An enduring motif in Saraceno’s work is the spiderweb. He says he was caught in its structural and metaphoric beauty even before he learned that many scientists use the analogy of the spiderweb as a geometrical model to explain the unknowable origins of the universe. For his 2009 installation at the Venice Biennale, he used black elastic cords knotted in globelike formations to create blooming constellations of spheres within spheres, held aloft by a thicket of more black elastic cords radiating in straight lines every which way to the walls. Visitors wending their way through the piece could be seen either as caught in the web or lost in the cosmos. “I go from micro to macro scale all the time,” Saraceno says. “It’s a lot about positioning yourself and trying to understand from which distance you’re looking at something to be able to perceive it.”
Saraceno built the installation in his Frankfurt studio, using cardboard polygons as stiff templates to knot the cords around. Removing the cardboard, he then suspended each airy spherical volume with more cords connected to the walls, and nested one sphere inside another like Russian dolls. The whole elastic universe, deinstalled, fit into a bag he carried to Venice, where he only had to restretch it in the gallery. Yet in the new space, the tension of the cords shifted, creating somewhat lopsided spheres that he decided to leave as they were. “Sometimes I build 100 percent of the piece and still change it,” Saraceno says. “I like work that allows flexibility—like brain flexibility.”
While the Venice installation used the spiderweb as a conceptual departure point, Saraceno was obsessed with recreating an exact replica of a web. “Try to go to the corner of the room and see all the spiderweb at once,” he says. “You never can really see it; some parts are missing because the light doesn’t hit in the right angles.” He began a quest to make a three-dimensional scan of a spiderweb—which had never been done before—so he could build a large-scale facsimile.
In consultation with an arachnologist in Frankfurt, Saraceno selected a species of black-widow spider for its web, dense and three-dimensional at the top with threads stretching downward to catch prey. He bought a number of small acrylic containers to house the poisonous spiders he acquired illegally through an eccentric German trader. He fed the spiders live flies and crickets through the winter so that they could start spinning their galaxies. Ever upping the ante, Saraceno introduced a second type of spider, the tegenaria, to add its funnel-shaped web to the mix.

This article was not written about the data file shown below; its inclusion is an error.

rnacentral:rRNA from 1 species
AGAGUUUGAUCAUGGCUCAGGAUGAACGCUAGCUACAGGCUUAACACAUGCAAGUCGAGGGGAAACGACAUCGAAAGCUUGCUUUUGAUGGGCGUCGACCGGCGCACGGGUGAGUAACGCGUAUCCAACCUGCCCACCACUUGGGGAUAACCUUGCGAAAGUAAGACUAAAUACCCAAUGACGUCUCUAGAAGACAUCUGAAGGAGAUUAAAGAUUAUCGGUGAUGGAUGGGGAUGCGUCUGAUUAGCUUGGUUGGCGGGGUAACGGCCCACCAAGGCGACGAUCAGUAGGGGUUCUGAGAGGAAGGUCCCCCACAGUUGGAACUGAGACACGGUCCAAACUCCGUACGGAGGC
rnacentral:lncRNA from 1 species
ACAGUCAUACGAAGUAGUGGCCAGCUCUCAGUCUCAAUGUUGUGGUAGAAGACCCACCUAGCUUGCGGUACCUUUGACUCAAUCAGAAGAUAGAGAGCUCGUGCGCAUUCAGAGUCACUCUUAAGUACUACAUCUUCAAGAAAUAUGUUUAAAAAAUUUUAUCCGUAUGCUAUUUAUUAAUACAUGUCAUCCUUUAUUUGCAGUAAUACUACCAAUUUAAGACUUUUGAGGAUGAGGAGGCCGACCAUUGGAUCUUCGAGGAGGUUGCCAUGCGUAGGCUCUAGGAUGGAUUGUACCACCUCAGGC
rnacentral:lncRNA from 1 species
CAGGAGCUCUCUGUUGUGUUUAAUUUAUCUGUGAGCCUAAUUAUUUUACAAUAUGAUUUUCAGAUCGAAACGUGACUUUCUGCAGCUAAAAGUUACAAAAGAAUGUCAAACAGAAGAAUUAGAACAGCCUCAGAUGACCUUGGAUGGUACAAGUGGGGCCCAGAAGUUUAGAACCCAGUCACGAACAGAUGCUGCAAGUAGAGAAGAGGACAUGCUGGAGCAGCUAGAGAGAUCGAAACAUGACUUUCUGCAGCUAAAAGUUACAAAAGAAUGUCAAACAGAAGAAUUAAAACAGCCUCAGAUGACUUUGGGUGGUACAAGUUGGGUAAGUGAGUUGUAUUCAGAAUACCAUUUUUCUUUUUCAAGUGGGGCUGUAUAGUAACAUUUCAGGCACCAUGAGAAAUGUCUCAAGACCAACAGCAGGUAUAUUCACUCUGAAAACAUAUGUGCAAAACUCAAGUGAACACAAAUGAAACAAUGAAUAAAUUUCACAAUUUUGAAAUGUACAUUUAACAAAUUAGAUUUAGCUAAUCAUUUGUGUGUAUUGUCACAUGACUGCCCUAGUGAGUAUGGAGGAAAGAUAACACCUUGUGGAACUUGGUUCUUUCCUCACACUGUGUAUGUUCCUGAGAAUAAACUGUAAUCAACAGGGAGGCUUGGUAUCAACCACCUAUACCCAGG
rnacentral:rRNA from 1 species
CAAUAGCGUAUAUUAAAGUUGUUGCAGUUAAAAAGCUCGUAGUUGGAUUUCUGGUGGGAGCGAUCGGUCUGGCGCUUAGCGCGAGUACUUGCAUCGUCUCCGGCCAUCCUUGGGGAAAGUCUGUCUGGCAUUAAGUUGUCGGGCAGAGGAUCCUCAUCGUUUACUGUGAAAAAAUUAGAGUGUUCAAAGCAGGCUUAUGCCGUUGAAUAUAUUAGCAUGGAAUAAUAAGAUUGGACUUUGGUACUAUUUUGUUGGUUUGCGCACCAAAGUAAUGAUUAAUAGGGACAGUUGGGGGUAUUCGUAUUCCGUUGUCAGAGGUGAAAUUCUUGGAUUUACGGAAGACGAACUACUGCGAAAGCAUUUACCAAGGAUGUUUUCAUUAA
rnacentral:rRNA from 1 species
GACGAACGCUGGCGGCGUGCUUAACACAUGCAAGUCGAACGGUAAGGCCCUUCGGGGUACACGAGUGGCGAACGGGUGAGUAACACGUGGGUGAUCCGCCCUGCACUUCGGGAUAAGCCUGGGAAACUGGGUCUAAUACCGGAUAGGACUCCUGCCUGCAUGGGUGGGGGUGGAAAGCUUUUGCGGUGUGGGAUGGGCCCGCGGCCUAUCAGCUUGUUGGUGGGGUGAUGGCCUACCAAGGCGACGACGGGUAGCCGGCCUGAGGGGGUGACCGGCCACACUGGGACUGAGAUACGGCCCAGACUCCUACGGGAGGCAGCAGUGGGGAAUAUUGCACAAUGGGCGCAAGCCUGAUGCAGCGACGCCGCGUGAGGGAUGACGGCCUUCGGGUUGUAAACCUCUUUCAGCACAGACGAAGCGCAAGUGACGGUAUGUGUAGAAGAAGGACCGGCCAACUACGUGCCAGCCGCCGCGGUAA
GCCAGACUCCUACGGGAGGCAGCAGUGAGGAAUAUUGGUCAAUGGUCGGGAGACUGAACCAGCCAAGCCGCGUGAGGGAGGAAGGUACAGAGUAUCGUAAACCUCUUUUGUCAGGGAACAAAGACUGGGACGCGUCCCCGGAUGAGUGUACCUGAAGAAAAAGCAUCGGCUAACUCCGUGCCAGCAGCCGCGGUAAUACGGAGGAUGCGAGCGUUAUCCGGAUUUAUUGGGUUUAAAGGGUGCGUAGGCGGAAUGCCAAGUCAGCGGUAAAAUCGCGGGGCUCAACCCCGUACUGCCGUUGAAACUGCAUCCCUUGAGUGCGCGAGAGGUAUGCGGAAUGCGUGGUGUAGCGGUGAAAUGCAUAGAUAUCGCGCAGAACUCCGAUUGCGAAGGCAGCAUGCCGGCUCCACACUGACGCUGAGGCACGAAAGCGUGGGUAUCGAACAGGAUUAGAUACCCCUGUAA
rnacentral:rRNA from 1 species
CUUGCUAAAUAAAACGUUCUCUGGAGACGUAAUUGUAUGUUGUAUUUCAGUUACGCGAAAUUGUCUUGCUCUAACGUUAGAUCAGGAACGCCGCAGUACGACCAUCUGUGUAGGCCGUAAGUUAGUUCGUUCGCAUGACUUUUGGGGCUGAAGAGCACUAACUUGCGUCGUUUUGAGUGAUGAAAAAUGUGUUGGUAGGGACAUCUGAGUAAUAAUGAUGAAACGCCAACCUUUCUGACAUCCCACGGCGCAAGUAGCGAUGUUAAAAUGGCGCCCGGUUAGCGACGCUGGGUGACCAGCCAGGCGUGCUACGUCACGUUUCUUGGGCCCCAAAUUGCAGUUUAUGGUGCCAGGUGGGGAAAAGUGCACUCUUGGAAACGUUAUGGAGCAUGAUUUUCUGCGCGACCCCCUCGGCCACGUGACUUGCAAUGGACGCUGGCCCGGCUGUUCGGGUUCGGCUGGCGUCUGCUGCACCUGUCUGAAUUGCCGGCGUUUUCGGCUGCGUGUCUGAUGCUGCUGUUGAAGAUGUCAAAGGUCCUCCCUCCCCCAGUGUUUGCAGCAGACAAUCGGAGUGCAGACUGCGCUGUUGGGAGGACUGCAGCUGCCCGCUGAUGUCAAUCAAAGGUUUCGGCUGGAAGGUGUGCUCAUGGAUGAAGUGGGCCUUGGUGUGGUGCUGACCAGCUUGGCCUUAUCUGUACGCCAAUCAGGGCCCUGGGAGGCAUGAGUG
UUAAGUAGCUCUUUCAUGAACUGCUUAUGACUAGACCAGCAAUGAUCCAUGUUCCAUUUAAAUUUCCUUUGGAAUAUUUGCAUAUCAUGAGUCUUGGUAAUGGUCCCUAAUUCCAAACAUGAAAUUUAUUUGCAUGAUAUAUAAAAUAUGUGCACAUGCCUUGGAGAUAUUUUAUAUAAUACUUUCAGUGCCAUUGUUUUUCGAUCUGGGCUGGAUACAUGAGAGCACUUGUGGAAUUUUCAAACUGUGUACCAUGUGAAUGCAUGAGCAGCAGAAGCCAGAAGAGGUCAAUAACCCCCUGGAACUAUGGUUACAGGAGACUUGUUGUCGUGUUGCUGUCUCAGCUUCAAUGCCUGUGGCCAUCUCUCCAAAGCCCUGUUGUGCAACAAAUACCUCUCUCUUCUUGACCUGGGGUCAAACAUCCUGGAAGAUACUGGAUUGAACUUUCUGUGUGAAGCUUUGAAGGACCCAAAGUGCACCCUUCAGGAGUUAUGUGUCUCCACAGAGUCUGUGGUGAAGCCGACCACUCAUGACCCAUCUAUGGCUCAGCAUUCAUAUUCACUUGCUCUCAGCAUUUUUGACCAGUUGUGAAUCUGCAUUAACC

The spider’s silk is too fine to be read by a CT scanner. In the photogrammetry department at the Technical University of Darmstadt, Saraceno found enthusiastic collaborators who helped him illuminate the best example of the web, using a sheet laser, moving millimeter by millimeter to take many pictures, and mapping the coordinates of all the intersections. Using the guide he had created, Saraceno radically scaled up his perfect web at Bonniers Konsthall in Stockholm last year. Photographs of the Bonniers installation show the web activated by visitors moving and crouching inside it like dark inhabitants.
In 2009, when Saraceno participated in an international space-studies program at NASA’s Ames Research Center in California, he proposed sending the web to the international space station. His paper translating the constellation of the web into numbers corresponding to the height and angle of the intersecting lines was shown at Tanya Bonakdar.
“When I was at NASA, someone was talking about interplanetary Internet and how we might be able to start linking planets one to another to diminish the time between communications,” Saraceno says. “Everyone who sees the installation at Bonniers who is in technology says it looks like a map of the actual Internet and how people talk to one another. People working in completely different spheres have other interpretations. That gives me a great feeling. The web never stops weaving and repairing and growing.”
Hilarie M. Sheets is an ARTnews contributing editor.